Blog post

How to save time in the kitchen

Cooking: some love it, some don't. For those who don't or have physical challenges that make cooking hard, Kidney Kitchen® contributor Linda Blaylock has some tips to help you cut down the time you spend creating tasty meals.
Young  woman cooking healthy food

Cooking: some love it, some don't. Or in some cases, you may have physical challenges or scheduling constraints that make cooking a harder task. This can especially be true for people living with kidney disease or kidney failure. After a long day receiving dialysis treatment, you may not have the energy or motivation to cook – even though maintaining a kidney-friendly food and fluid plan is an important part of managing your disease. So, for those of us who cannot afford a personal chef or takeout every night, what can we do to make cooking less of a chore?

Fortunately, I have some tips to help you cut down the time you spend creating those tasty meals.

Do some meal planning and prep

How many times has mealtime come around and you find yourself standing in front of the refrigerator trying to figure out what to cook? Meal planning and prep can go a long way toward eliminating this problem and can help you cut down on your cooking time. Here are some tips for time-saving meal prep:

  • When preparing meals, go ahead and make extra or a double batch. You will then have meals on hand for those days when you are busy, tired or just can't make the effort to cook. You can also make a lot of one ingredient at a time, like chicken breast, that you can then use for other meals throughout the week. If you do not eat all your leftovers, freeze them and you will have a ready-made meal for a later date.
  • Keep all frequently used tools, spices, and other ingredients at or near your prep counter.
  • Shave off some of that cooking time by simply cutting your meats and vegetables into smaller pieces; they will cook much faster.
  • Purchase pre-cut fresh vegetables so you don't have to do that work. Many frozen or canned foods are already pre-cut. Just be sure to check the labels as they may have added salt/sodium. You should also drain and rinse canned vegetables or beans before you use them to get rid of a large amount of added salt.
  • If you are purchasing meats, ask the butcher to cut it so you won't have to do it later. Pick out that cheaper slab of meat and tell them how you need it cut (strips, cubed, etc.). Be sure to also ask them to trim excess fat from steaks and remove the skin from your bone-in chicken.
  • If you still have ingredients to peel or cut for your meal, you may wish to do it when you are spending time watching TV. It may sound silly, but many people like to do this kind of prep while enjoying their favorite show.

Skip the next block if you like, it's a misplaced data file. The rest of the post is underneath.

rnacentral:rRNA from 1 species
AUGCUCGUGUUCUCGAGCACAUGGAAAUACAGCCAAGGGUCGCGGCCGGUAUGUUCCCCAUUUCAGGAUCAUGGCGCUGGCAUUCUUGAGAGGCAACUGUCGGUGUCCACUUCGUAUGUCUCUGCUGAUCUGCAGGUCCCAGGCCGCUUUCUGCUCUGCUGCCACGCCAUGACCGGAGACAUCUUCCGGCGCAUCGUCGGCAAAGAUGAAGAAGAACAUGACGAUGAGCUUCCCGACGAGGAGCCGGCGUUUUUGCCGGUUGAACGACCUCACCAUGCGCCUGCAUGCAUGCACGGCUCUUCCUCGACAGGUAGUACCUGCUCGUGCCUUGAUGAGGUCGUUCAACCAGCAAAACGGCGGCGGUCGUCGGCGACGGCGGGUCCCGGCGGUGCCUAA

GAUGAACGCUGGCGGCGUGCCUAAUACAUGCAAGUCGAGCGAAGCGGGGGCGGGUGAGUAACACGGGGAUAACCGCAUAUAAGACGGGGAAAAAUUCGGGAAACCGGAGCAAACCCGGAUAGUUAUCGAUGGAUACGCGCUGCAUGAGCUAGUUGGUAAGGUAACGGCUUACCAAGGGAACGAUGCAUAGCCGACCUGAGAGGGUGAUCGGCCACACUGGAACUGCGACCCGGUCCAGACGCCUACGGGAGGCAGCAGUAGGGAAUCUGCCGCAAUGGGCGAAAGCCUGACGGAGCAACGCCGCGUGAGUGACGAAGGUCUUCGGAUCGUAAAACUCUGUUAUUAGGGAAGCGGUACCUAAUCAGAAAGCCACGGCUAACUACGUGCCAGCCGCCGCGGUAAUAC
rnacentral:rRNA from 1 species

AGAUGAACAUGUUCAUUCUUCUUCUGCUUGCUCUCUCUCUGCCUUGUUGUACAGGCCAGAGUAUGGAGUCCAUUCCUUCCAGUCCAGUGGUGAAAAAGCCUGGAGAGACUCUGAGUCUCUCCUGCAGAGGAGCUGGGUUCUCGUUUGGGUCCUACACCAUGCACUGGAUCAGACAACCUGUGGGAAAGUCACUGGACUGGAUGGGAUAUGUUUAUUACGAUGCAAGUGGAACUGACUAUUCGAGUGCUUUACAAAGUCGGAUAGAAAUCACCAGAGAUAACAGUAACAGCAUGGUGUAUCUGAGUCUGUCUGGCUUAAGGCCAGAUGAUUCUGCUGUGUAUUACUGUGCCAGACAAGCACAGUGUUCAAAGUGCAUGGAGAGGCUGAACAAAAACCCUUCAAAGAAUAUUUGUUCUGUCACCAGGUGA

• Opt for meals that are cooked in the oven when you can. This keeps you out of the kitchen instead of standing at the stove.

Use your kitchen gadgets

We all do it. We buy the latest and greatest new appliance, maybe use it once and then it sits on the shelf untouched for weeks or months, right? Now is the time to dust those kitchen gadgets off and make space on your counter. Some gadgets I would recommend using include:

  • Food processors: They make cutting up those veggies a quick and easy process. Not to mention, you won't get any hand cramps from holding the knife.
  • Blenders and immersion (stick) blenders: They make pureeing a breeze.
  • Pressure cookers: Pressure cookers are amazing! With a pressure cooker, what used to be hours of long, braise cooking can be done in a very short time. The meat is tenderized and full of flavor. You also have the bonus of that flavorful liquid to use as a sauce or make into gravy. This wonder also cooks up your rice or beans in a snap.
  • Slow cookers: These cookers allow you to quickly and easily toss your ingredients in and let the gadget do the work.

While all these tips can help, if you still struggle in the kitchen, reach out to friends or family to ask them to help you prep ingredients for the week.

Until we win that lottery and can hire that personal chef, we do what we must! Even if it means peeling potatoes while watching a movie.


Linda Blaylock

Linda Blaylock is the owner of CKD Culinary Consulting and the creator of The How to Eat for CKD Method Program, as well as a chef, certified nutritionist and Kidney Health Coach.